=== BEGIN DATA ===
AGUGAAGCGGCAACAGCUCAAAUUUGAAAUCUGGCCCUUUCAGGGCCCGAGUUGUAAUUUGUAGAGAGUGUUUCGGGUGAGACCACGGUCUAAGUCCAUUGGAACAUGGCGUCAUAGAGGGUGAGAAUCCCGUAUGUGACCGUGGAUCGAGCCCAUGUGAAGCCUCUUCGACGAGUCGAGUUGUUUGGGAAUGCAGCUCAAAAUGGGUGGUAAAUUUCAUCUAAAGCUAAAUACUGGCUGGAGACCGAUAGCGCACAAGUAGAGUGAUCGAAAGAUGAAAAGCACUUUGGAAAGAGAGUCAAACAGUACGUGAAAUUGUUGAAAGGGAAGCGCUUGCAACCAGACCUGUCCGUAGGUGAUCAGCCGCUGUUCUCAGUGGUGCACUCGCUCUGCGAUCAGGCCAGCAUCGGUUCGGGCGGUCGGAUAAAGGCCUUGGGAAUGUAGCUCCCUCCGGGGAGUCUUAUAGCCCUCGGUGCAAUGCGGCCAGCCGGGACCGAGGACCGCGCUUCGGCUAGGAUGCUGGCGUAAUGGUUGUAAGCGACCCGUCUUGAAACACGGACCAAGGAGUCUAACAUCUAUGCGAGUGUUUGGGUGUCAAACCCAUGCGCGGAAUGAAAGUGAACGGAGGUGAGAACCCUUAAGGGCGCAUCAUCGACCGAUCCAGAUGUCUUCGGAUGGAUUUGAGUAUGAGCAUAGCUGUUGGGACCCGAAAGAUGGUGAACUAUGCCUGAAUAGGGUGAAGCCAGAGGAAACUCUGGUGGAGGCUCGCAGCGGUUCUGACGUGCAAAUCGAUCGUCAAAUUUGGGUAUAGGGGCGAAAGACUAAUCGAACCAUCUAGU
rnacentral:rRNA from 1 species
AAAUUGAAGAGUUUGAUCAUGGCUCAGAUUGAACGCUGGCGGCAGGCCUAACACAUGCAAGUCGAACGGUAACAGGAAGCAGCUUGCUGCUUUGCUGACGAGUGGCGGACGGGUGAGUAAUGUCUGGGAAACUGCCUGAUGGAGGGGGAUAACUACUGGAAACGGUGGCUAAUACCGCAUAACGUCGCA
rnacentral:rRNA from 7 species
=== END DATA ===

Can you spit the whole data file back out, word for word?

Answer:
AGUGAAGCGGCAACAGCUCAAAUUUGAAAUCUGGCCCUUUCAGGGCCCGAGUUGUAAUUUGUAGAGAGUGUUUCGGGUGAGACCACGGUCUAAGUCCAUUGGAACAUGGCGUCAUAGAGGGUGAGAAUCCCGUAUGUGACCGUGGAUCGAGCCCAUGUGAAGCCUCUUCGACGAGUCGAGUUGUUUGGGAAUGCAGCUCAAAAUGGGUGGUAAAUUUCAUCUAAAGCUAAAUACUGGCUGGAGACCGAUAGCGCACAAGUAGAGUGAUCGAAAGAUGAAAAGCACUUUGGAAAGAGAGUCAAACAGUACGUGAAAUUGUUGAAAGGGAAGCGCUUGCAACCAGACCUGUCCGUAGGUGAUCAGCCGCUGUUCUCAGUGGUGCACUCGCUCUGCGAUCAGGCCAGCAUCGGUUCGGGCGGUCGGAUAAAGGCCUUGGGAAUGUAGCUCCCUCCGGGGAGUCUUAUAGCCCUCGGUGCAAUGCGGCCAGCCGGGACCGAGGACCGCGCUUCGGCUAGGAUGCUGGCGUAAUGGUUGUAAGCGACCCGUCUUGAAACACGGACCAAGGAGUCUAACAUCUAUGCGAGUGUUUGGGUGUCAAACCCAUGCGCGGAAUGAAAGUGAACGGAGGUGAGAACCCUUAAGGGCGCAUCAUCGACCGAUCCAGAUGUCUUCGGAUGGAUUUGAGUAUGAGCAUAGCUGUUGGGACCCGAAAGAUGGUGAACUAUGCCUGAAUAGGGUGAAGCCAGAGGAAACUCUGGUGGAGGCUCGCAGCGGUUCUGACGUGCAAAUCGAUCGUCAAAUUUGGGUAUAGGGGCGAAAGACUAAUCGAACCAUCUAGU
rnacentral:rRNA from 1 species
AAAUUGAAGAGUUUGAUCAUGGCUCAGAUUGAACGCUGGCGGCAGGCCUAACACAUGCAAGUCGAACGGUAACAGGAAGCAGCUUGCUGCUUUGCUGACGAGUGGCGGACGGGUGAGUAAUGUCUGGGAAACUGCCUGAUGGAGGGGGAUAACUACUGGAAACGGUGGCUAAUACCGCAUAACGUCGCA
rnacentral:rRNA from 7 species